ABE graduate student embraces Midwest agricultural culture

Liz Luby
Liz Luby

Liz Luby studies how antibiotic resistance in manure affects Iowa agriculture

Raised in Alexandria, Virginia, Liz Luby worked as an undergraduate research assistant in biological systems engineering at Virginia Tech. Her boss suggested she attend graduate school and connected her with ISU associate professor Michelle Soupir. In those moments, Luby knew she would be coming to Iowa State.

Luby, who is a graduate student in agricultural and biosystems engineering, enjoys the agricultural culture in Iowa despite her metropolitan upbringing, “It’s really cool to see how big agriculture is and how much it controls.” She experiences that culture first-hand, conducting research in Nashua, Iowa.

Her research focuses on how manure application affects antibiotic resistance in soil bacteria, specifically the fate of these organisms in the soil and their ability to move off-site into surrounding waterways. Luby looks primarily at two families of resistance genes whose levels increase in manure samples from animals fed subtherapeutic levels of antibiotics. The genes are subsequently released into the environment during manure application.

The genes come from an animal’s stomach bacteria, and they primarily aren’t pathogenic, or capable of causing disease. However, because the genes are capable of being transferred to pathogenic bacteria existing in the environment, they may be then transferred to humans, making individuals immune to normal antibiotics.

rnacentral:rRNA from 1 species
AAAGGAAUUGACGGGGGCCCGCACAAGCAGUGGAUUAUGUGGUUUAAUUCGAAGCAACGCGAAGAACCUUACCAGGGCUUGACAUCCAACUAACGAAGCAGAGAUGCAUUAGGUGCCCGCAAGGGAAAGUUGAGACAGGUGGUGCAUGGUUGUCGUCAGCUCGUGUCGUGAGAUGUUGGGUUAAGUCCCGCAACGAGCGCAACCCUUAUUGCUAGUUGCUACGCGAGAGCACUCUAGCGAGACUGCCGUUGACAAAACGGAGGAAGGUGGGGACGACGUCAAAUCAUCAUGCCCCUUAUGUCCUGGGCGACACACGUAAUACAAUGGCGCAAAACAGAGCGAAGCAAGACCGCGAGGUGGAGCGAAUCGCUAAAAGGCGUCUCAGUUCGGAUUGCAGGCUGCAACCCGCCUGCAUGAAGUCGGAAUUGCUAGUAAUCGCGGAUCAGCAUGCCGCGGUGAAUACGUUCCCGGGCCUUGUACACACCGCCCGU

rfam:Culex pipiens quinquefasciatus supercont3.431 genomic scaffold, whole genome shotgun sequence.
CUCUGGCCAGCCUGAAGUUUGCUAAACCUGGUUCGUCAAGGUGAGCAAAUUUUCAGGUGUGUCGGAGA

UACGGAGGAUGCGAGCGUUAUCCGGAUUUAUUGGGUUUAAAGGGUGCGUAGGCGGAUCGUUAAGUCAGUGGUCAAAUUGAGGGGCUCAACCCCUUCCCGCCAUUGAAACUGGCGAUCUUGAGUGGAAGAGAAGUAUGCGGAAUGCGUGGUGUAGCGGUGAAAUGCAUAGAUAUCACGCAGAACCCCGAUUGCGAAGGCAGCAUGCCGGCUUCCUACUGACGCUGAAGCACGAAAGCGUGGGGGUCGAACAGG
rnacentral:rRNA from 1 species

Luby’s research was the first to demonstrate significantly higher concentrations of genes with antibiotic resistance in subsurface drainage from fields where manure was used compared to non-manure control fields. She presented this research when defending her master’s thesis.

After her research was accepted, Luby was invited to continue her graduate research and pursue a Ph.D. When she receives her doctorate in May 2017, she’ll be the first person in her family to receive a Ph.D.

In the future, Luby plans to work for the government, though her ultimate goal is to, “Improve public health by informing policy makers on the issues surrounding antibiotic resistance and invent ways to solve the associated problems.”